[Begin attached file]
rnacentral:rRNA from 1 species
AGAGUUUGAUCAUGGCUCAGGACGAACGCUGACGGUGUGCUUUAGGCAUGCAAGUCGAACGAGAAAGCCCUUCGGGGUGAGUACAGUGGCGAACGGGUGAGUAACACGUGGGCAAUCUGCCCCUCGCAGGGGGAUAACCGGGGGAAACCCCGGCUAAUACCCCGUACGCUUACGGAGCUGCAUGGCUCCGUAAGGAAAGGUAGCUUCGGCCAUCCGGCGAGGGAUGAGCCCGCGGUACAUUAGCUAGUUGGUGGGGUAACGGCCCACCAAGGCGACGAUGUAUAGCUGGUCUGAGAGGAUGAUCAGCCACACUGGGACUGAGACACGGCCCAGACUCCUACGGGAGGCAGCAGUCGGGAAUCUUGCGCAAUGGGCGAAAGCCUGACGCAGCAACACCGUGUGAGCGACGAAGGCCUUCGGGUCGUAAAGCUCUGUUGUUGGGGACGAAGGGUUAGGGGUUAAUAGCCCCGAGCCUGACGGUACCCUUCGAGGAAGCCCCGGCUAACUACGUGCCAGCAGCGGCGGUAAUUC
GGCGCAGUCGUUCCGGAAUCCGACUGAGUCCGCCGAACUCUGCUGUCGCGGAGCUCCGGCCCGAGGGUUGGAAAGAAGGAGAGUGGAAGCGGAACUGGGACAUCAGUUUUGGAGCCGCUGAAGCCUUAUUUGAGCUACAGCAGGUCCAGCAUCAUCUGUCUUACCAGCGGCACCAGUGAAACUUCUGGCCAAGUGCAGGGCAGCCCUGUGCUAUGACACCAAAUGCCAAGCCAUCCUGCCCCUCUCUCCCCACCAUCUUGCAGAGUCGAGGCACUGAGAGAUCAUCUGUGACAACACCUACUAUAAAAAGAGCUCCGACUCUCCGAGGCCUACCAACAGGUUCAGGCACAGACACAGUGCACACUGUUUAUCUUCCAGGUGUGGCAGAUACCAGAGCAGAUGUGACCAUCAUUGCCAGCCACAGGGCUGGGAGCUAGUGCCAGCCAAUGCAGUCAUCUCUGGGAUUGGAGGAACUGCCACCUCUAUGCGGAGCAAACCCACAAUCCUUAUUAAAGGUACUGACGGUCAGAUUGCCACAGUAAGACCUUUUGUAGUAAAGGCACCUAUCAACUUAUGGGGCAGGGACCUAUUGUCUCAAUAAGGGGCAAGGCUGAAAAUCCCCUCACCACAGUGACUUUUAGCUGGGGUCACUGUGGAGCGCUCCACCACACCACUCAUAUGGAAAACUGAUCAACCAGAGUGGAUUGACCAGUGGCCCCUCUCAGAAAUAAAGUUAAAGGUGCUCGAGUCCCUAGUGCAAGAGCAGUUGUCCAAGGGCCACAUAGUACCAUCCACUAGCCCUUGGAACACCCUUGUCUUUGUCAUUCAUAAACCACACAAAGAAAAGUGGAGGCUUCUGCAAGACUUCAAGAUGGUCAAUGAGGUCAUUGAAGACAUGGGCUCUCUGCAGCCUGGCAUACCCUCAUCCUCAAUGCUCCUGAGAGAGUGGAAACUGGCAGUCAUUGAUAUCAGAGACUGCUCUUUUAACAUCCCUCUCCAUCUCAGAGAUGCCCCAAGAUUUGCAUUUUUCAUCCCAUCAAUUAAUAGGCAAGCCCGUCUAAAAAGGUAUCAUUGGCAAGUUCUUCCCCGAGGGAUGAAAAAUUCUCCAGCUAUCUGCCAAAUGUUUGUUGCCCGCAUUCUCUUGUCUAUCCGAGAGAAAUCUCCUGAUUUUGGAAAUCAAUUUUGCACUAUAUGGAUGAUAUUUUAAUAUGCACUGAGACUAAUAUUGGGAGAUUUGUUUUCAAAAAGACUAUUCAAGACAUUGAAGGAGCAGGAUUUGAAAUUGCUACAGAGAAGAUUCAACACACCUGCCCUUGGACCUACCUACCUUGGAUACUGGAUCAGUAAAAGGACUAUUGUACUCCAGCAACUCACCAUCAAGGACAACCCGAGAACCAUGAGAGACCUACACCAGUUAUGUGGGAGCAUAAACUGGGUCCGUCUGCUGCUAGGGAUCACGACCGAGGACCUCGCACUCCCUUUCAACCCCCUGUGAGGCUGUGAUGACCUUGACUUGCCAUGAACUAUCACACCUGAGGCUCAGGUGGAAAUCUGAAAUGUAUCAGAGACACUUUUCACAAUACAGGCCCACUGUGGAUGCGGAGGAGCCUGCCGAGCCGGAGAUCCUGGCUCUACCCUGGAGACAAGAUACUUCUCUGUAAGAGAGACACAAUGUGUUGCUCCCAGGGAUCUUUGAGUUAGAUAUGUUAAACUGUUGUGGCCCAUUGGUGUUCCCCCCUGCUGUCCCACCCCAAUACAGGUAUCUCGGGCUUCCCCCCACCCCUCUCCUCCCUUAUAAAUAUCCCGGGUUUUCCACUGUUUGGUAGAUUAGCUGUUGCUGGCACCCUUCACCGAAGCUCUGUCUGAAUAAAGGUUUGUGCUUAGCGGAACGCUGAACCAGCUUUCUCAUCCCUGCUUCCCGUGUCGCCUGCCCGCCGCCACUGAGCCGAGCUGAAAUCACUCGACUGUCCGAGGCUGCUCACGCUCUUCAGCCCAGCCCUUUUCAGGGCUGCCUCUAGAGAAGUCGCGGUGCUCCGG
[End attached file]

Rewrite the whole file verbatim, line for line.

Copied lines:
rnacentral:rRNA from 1 species
AGAGUUUGAUCAUGGCUCAGGACGAACGCUGACGGUGUGCUUUAGGCAUGCAAGUCGAACGAGAAAGCCCUUCGGGGUGAGUACAGUGGCGAACGGGUGAGUAACACGUGGGCAAUCUGCCCCUCGCAGGGGGAUAACCGGGGGAAACCCCGGCUAAUACCCCGUACGCUUACGGAGCUGCAUGGCUCCGUAAGGAAAGGUAGCUUCGGCCAUCCGGCGAGGGAUGAGCCCGCGGUACAUUAGCUAGUUGGUGGGGUAACGGCCCACCAAGGCGACGAUGUAUAGCUGGUCUGAGAGGAUGAUCAGCCACACUGGGACUGAGACACGGCCCAGACUCCUACGGGAGGCAGCAGUCGGGAAUCUUGCGCAAUGGGCGAAAGCCUGACGCAGCAACACCGUGUGAGCGACGAAGGCCUUCGGGUCGUAAAGCUCUGUUGUUGGGGACGAAGGGUUAGGGGUUAAUAGCCCCGAGCCUGACGGUACCCUUCGAGGAAGCCCCGGCUAACUACGUGCCAGCAGCGGCGGUAAUUC
GGCGCAGUCGUUCCGGAAUCCGACUGAGUCCGCCGAACUCUGCUGUCGCGGAGCUCCGGCCCGAGGGUUGGAAAGAAGGAGAGUGGAAGCGGAACUGGGACAUCAGUUUUGGAGCCGCUGAAGCCUUAUUUGAGCUACAGCAGGUCCAGCAUCAUCUGUCUUACCAGCGGCACCAGUGAAACUUCUGGCCAAGUGCAGGGCAGCCCUGUGCUAUGACACCAAAUGCCAAGCCAUCCUGCCCCUCUCUCCCCACCAUCUUGCAGAGUCGAGGCACUGAGAGAUCAUCUGUGACAACACCUACUAUAAAAAGAGCUCCGACUCUCCGAGGCCUACCAACAGGUUCAGGCACAGACACAGUGCACACUGUUUAUCUUCCAGGUGUGGCAGAUACCAGAGCAGAUGUGACCAUCAUUGCCAGCCACAGGGCUGGGAGCUAGUGCCAGCCAAUGCAGUCAUCUCUGGGAUUGGAGGAACUGCCACCUCUAUGCGGAGCAAACCCACAAUCCUUAUUAAAGGUACUGACGGUCAGAUUGCCACAGUAAGACCUUUUGUAGUAAAGGCACCUAUCAACUUAUGGGGCAGGGACCUAUUGUCUCAAUAAGGGGCAAGGCUGAAAAUCCCCUCACCACAGUGACUUUUAGCUGGGGUCACUGUGGAGCGCUCCACCACACCACUCAUAUGGAAAACUGAUCAACCAGAGUGGAUUGACCAGUGGCCCCUCUCAGAAAUAAAGUUAAAGGUGCUCGAGUCCCUAGUGCAAGAGCAGUUGUCCAAGGGCCACAUAGUACCAUCCACUAGCCCUUGGAACACCCUUGUCUUUGUCAUUCAUAAACCACACAAAGAAAAGUGGAGGCUUCUGCAAGACUUCAAGAUGGUCAAUGAGGUCAUUGAAGACAUGGGCUCUCUGCAGCCUGGCAUACCCUCAUCCUCAAUGCUCCUGAGAGAGUGGAAACUGGCAGUCAUUGAUAUCAGAGACUGCUCUUUUAACAUCCCUCUCCAUCUCAGAGAUGCCCCAAGAUUUGCAUUUUUCAUCCCAUCAAUUAAUAGGCAAGCCCGUCUAAAAAGGUAUCAUUGGCAAGUUCUUCCCCGAGGGAUGAAAAAUUCUCCAGCUAUCUGCCAAAUGUUUGUUGCCCGCAUUCUCUUGUCUAUCCGAGAGAAAUCUCCUGAUUUUGGAAAUCAAUUUUGCACUAUAUGGAUGAUAUUUUAAUAUGCACUGAGACUAAUAUUGGGAGAUUUGUUUUCAAAAAGACUAUUCAAGACAUUGAAGGAGCAGGAUUUGAAAUUGCUACAGAGAAGAUUCAACACACCUGCCCUUGGACCUACCUACCUUGGAUACUGGAUCAGUAAAAGGACUAUUGUACUCCAGCAACUCACCAUCAAGGACAACCCGAGAACCAUGAGAGACCUACACCAGUUAUGUGGGAGCAUAAACUGGGUCCGUCUGCUGCUAGGGAUCACGACCGAGGACCUCGCACUCCCUUUCAACCCCCUGUGAGGCUGUGAUGACCUUGACUUGCCAUGAACUAUCACACCUGAGGCUCAGGUGGAAAUCUGAAAUGUAUCAGAGACACUUUUCACAAUACAGGCCCACUGUGGAUGCGGAGGAGCCUGCCGAGCCGGAGAUCCUGGCUCUACCCUGGAGACAAGAUACUUCUCUGUAAGAGAGACACAAUGUGUUGCUCCCAGGGAUCUUUGAGUUAGAUAUGUUAAACUGUUGUGGCCCAUUGGUGUUCCCCCCUGCUGUCCCACCCCAAUACAGGUAUCUCGGGCUUCCCCCCACCCCUCUCCUCCCUUAUAAAUAUCCCGGGUUUUCCACUGUUUGGUAGAUUAGCUGUUGCUGGCACCCUUCACCGAAGCUCUGUCUGAAUAAAGGUUUGUGCUUAGCGGAACGCUGAACCAGCUUUCUCAUCCCUGCUUCCCGUGUCGCCUGCCCGCCGCCACUGAGCCGAGCUGAAAUCACUCGACUGUCCGAGGCUGCUCACGCUCUUCAGCCCAGCCCUUUUCAGGGCUGCCUCUAGAGAAGUCGCGGUGCUCCGG